It became clear that all sides would ultimately like to see changes or reforms; the greatest consensus was probably reached with regard to the need for certain changes to the court system in the context of cartel damages litigation as well as the earliest possible involvement of economists on the court side.

Over the after-show beer/wine/soft drink/water/camilla tea, the discussion continued in spontaneously formed sub-committees; further breakthroughs in knowledge have not been reported so far, but have undoubtedly been achieved (D’Kart will certainly report in due course…). What can already be stated, however, is that all participants have probably gained new valuable insights into the way of thinking and working as well as the resulting problems of the other players in the cartel process. This exchange should therefore be intensified so that the participants become more familiar with the use of crystal balls on the one hand and the broadaxe on the other, until perhaps the point comes when, due to joint efforts, a new instrument (a microscope? An omniscient AI? Who knows…?!) takes the place of these rather archaic tools.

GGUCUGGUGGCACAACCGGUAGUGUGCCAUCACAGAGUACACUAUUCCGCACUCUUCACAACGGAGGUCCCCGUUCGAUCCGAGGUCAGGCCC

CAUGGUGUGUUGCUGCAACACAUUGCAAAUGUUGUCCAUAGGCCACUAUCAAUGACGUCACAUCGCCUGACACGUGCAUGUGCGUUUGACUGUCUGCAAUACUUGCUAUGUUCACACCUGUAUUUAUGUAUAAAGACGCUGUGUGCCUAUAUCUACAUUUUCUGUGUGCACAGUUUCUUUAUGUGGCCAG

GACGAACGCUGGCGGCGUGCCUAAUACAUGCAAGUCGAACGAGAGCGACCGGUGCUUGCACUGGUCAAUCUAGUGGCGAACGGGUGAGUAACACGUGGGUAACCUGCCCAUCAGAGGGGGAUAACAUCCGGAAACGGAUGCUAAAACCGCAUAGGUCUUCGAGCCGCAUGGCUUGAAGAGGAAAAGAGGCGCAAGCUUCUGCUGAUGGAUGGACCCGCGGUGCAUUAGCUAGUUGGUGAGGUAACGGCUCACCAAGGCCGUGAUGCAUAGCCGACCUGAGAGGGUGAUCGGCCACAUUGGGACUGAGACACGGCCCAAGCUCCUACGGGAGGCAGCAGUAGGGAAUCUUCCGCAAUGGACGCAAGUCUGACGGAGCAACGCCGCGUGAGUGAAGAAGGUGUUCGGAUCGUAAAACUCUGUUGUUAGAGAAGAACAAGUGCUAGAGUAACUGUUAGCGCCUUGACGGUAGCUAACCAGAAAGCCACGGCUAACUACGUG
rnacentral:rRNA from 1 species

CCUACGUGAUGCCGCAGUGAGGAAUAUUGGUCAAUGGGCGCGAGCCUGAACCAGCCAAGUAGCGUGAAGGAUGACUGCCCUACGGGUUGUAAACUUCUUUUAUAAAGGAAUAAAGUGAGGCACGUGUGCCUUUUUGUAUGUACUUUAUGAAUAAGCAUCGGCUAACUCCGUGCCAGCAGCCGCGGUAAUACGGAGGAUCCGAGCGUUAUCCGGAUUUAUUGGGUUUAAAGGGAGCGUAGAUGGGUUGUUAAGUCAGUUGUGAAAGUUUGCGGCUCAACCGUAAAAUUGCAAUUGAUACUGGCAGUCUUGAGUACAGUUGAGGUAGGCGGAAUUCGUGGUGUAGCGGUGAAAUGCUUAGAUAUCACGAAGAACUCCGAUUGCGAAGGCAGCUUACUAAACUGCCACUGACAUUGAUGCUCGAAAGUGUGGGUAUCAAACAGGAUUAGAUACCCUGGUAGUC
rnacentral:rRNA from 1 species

In any case, the Studienvereinigung, which lived up to its name (“study association”) with this event, has made a start into this direction.

Dr. Gerhard Klumpe is the presiding judge at the Regional Court of Dortmund as well as lecturer at the Heinrich Heine University and co-editor of the Neue Zeitschrift für Kartellrecht. 

The title of the contribution is loosely based on the song by the folk group The Weavers (Pete Seeger/Lee Hays).